The councillor then followed up with some comments he has heard from the public about how much the city will spend on the RCMP detachment and how they would rather see that money put to different users.

"The only thing I would add, is there has been kind of a common concern I think, or at least what I've heard articualted back to me, that for a loan of this amount a lot of people are saying well couldn't we spend these millions on parks, or roads or whatever type of initiative that someone might see as a priority.

I think that it's important that we acknowledge that that is a frustration and I think all of us if we could set different priorities for this amount of money we would like to, but we do need to acknowledge that there is a legal obligation here and as Ms. Bomben said you know, a decade plus in the making.

Ultimately beyond the loss of local control if the RCMP were to construct their own facility any cost overruns would be borne by the taxpayer anyway, so that is the classic definition of being stuck between a rock and a hard place, so I'm comfortable with the recommendation as it is written" -- Councillor Blair Mirau
Councillor Cunningham concurred with Mr. Mirau's theme noting that the RCMP can do what it wishes related to a new building and with this proposal the City has some control, he also observed light heartedly that if a provincial force came into being, that maybe the city could make some money from their building.

Of note from the Monday discussion was that the option of taking the Loan Authorization to the full voting pool through a full referendum was not even mentioned to any extent, Council having seemingly already made their mind up that they preferred the AAP option instead.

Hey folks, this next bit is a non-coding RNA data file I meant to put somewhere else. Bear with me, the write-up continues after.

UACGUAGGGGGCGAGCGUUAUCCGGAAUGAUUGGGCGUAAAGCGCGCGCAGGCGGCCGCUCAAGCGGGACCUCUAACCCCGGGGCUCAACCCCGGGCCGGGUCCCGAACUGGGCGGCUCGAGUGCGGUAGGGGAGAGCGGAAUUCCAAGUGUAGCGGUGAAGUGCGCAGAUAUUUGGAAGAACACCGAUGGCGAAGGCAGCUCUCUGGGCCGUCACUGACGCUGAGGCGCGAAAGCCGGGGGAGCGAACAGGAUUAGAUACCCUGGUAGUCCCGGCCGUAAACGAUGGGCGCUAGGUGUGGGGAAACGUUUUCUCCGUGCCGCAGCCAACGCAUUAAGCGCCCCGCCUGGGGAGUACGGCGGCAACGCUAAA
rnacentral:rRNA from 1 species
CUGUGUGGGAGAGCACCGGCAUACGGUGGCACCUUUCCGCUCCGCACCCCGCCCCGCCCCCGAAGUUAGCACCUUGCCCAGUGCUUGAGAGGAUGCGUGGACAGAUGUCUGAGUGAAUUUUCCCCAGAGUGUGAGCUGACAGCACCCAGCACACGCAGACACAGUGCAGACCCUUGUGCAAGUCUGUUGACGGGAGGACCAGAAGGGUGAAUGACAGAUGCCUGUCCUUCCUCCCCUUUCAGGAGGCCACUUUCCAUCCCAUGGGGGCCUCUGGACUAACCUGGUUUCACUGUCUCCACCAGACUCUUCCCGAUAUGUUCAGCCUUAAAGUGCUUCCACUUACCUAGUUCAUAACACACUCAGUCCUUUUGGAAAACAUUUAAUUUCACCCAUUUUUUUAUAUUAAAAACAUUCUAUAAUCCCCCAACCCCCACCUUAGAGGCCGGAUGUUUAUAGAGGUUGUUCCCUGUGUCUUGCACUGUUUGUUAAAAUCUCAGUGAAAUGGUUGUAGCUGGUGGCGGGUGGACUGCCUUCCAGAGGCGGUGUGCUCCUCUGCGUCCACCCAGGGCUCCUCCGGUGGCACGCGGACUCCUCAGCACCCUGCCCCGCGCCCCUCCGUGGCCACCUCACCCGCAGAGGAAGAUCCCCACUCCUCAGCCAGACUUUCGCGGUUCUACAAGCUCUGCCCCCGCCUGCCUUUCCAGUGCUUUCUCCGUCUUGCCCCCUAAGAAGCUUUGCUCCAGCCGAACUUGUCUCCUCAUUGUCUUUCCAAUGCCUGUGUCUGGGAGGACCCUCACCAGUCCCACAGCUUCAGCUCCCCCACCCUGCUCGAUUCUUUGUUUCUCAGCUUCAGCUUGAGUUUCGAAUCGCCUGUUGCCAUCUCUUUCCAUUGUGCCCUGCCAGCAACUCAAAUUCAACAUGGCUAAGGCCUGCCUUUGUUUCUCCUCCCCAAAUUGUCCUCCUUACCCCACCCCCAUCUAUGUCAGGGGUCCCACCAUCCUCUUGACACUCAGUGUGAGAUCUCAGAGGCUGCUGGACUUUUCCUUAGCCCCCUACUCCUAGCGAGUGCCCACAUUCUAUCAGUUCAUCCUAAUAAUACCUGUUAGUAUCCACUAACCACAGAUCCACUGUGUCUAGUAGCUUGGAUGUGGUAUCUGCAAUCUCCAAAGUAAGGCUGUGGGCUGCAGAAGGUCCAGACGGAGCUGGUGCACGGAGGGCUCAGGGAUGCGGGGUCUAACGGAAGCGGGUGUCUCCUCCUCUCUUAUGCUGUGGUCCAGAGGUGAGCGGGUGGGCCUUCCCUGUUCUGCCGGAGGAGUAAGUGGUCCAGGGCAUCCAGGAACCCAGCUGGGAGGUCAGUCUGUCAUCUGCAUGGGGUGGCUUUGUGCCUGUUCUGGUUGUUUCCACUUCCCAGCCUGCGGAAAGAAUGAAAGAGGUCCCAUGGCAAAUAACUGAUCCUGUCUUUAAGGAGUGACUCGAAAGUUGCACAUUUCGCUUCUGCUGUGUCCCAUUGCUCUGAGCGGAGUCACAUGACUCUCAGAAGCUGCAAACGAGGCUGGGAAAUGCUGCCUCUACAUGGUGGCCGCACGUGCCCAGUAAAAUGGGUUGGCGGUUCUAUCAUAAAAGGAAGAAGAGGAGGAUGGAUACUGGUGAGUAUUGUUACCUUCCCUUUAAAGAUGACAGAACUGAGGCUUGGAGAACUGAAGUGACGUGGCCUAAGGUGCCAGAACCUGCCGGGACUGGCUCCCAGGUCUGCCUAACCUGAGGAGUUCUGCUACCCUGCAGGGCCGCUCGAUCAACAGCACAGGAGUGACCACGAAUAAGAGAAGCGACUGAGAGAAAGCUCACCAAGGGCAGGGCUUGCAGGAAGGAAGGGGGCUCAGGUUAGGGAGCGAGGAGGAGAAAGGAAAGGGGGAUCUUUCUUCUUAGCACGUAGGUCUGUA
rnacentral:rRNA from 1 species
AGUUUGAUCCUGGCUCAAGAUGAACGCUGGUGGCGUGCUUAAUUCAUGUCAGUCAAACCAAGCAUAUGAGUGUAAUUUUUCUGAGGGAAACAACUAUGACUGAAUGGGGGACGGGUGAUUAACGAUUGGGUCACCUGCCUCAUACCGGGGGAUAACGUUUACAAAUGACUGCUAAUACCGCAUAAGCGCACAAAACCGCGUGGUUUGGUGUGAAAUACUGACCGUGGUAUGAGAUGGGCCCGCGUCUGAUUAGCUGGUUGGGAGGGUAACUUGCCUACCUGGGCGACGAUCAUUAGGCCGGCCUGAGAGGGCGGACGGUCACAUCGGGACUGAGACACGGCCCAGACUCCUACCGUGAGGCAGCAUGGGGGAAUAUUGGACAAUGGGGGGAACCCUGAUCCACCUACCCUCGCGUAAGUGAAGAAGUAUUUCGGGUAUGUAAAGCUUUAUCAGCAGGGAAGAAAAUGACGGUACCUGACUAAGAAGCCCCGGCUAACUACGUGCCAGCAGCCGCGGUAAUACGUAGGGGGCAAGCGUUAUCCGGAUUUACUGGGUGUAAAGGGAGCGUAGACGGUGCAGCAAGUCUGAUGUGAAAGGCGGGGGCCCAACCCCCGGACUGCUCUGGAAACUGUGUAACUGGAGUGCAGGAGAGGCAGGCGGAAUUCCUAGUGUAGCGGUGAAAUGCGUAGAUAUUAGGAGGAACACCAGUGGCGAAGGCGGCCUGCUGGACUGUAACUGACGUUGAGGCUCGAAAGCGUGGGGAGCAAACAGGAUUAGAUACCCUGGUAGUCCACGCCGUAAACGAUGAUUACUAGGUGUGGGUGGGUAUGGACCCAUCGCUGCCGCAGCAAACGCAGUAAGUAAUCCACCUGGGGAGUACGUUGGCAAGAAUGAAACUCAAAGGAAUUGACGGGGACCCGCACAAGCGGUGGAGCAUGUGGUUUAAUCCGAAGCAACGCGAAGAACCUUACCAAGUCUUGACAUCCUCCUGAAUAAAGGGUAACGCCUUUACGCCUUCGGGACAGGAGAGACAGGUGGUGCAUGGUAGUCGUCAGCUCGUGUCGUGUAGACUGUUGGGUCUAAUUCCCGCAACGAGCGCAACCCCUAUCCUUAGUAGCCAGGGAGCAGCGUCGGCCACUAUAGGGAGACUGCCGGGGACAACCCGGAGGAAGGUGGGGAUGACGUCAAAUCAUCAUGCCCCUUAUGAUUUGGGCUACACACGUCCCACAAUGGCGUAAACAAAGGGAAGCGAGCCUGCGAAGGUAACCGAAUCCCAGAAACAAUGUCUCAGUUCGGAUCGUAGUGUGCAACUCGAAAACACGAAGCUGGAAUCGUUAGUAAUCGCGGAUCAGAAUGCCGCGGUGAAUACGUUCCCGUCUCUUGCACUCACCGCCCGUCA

The full report for Council can be reviewed from the City's Agenda Package here, starting on page  

The City's background information on the Detachment project is available here.

You can review the full conversation on the topic from the City's Video Archive starting at the three minute mark.

The City's Communication Office was quick to the Information sharing process following the vote of Approval for the APP option, with the City making note of the topic through their Social Media feed and providing for an instructional video on the topic.

The short video provided for some basic notes on some background on the RCMP Station, the nature of the 25 million dollar loan, as well as to how the APP option works.

The full video from the City can be viewed below:

Some of our past notes on the new RCMP facility can be explored through our Major Projects and Infrastructure archive page here.

For more on Monday's City Council Session see our Council Timeline feature.


  1. Path of least resistance by council, they can't claim this is economical because the detachment build has been sitting on the shelf for close to a decade due to different priorities.

    This taxpayer would have preferred a referendum at the ballot box, not an AAP.

    The referendum could have given the city time to collaborate with the RCMP to provide acceptable building options at various budgets. Some of which may have been more budget friendly than the current price tag.

    By going the AAP route, the city will take out a loan. But will the taxpayer get full value for the amount that was borrowed, time will tell.

    This could all change if 10% of the electorate object to the AAP, if that happens the RCMP build won't move forward without an assent voting event.

    AAP Guide -

  2. Another city hall video that will get tens and tens of views.


  3. That's a funny screen shot of the council, looking like a gang of masked desperados in various poses with a bag of loot. Would have thought that the city could have chosen a more traditional group photo.